Then create another one inside called public, copy the downloaded libraries there now. Now using the command line, navigate to the project folder and type the following commands to install the required dependencies. An internet connection is required to download the libraries.

Also, let’s run our media server. On the command line type the following command:

docker run -d -p 8888:8888 kurento/kurento-media-server:6.6.0

To begin with, we need to create an html file with two divs, one for the login screen and the other for the actual call. Also, we will add the kurento-utils library which requires the adapter.js script and the already known socket.io client library and client.js file.

Using your favorite text editor, create a new file, paste the code below and save it in your project folder, inside public as index.html.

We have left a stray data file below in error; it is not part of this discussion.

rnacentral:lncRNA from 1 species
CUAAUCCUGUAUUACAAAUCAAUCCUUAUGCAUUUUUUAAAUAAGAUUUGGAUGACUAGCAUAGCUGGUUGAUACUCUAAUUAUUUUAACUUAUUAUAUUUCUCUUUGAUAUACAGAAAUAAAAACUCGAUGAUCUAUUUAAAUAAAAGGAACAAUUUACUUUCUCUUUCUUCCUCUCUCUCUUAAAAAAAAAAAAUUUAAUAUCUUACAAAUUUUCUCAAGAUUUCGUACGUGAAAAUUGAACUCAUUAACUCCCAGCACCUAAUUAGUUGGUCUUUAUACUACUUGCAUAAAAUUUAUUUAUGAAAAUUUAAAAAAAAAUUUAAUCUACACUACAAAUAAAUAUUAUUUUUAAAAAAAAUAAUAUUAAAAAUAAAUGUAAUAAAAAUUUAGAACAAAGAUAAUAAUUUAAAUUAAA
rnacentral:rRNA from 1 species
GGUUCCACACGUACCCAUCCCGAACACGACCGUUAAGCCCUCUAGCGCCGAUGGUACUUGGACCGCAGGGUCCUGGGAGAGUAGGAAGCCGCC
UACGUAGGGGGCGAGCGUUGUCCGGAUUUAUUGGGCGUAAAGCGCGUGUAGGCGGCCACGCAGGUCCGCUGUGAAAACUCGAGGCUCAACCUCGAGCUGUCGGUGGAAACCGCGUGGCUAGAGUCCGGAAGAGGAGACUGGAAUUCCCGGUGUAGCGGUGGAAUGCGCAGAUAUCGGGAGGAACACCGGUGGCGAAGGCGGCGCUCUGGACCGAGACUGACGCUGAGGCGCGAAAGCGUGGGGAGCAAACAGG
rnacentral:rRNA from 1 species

Cool. Now let’s create the client side javascript file. We begin by getting a reference of the webpage elements and declaring variables for client’s username and room name, we also declare a variable for storing a list of the call participants. Then, as was the case in the one-to-one version of the application, we connect to the signaling server using socket.io and register a click event to the button for sending the first message to the server, which is a ‘joinRoom’ message. This time we don’t use the socket.emit() function directly, instead we use an utility function sendMessage() defined at the bottom of the file. We also need to declares handlers for server messages.

Using the text editor create the client.js file as follows and save it on the public folder of your project.

 

Next, we create a server. We will begin by adding the required imports of node packages. Then we declare a couple of variables to store the Kurento Client reference and a queue for ice candidates received before the creation of a Kurento Endpoint.

We then set the application’s and kurento server’s urls to the as_uri and ws_uri variables respectively, note that we use the minimist package to add support for setting these values using command line arguments when running.